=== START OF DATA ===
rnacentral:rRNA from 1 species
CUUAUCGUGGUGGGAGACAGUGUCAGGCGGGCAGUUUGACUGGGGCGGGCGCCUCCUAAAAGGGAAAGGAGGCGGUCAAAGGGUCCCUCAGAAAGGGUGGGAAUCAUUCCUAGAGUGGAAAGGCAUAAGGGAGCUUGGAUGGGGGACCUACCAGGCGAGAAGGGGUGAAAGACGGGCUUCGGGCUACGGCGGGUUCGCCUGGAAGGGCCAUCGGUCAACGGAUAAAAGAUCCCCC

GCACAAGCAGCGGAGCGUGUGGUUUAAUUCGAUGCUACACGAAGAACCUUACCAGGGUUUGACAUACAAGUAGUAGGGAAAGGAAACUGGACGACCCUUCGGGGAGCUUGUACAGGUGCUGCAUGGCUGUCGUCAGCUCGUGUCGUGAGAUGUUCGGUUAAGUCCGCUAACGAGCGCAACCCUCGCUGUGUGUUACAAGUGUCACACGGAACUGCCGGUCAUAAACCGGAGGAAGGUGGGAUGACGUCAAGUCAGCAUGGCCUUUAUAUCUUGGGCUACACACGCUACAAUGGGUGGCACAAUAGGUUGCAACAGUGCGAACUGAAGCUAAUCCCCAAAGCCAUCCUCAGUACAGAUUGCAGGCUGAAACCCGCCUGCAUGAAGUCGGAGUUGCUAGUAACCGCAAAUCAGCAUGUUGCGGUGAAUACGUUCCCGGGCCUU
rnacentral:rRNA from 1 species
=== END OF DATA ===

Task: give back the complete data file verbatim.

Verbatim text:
rnacentral:rRNA from 1 species
CUUAUCGUGGUGGGAGACAGUGUCAGGCGGGCAGUUUGACUGGGGCGGGCGCCUCCUAAAAGGGAAAGGAGGCGGUCAAAGGGUCCCUCAGAAAGGGUGGGAAUCAUUCCUAGAGUGGAAAGGCAUAAGGGAGCUUGGAUGGGGGACCUACCAGGCGAGAAGGGGUGAAAGACGGGCUUCGGGCUACGGCGGGUUCGCCUGGAAGGGCCAUCGGUCAACGGAUAAAAGAUCCCCC

GCACAAGCAGCGGAGCGUGUGGUUUAAUUCGAUGCUACACGAAGAACCUUACCAGGGUUUGACAUACAAGUAGUAGGGAAAGGAAACUGGACGACCCUUCGGGGAGCUUGUACAGGUGCUGCAUGGCUGUCGUCAGCUCGUGUCGUGAGAUGUUCGGUUAAGUCCGCUAACGAGCGCAACCCUCGCUGUGUGUUACAAGUGUCACACGGAACUGCCGGUCAUAAACCGGAGGAAGGUGGGAUGACGUCAAGUCAGCAUGGCCUUUAUAUCUUGGGCUACACACGCUACAAUGGGUGGCACAAUAGGUUGCAACAGUGCGAACUGAAGCUAAUCCCCAAAGCCAUCCUCAGUACAGAUUGCAGGCUGAAACCCGCCUGCAUGAAGUCGGAGUUGCUAGUAACCGCAAAUCAGCAUGUUGCGGUGAAUACGUUCCCGGGCCUU
rnacentral:rRNA from 1 species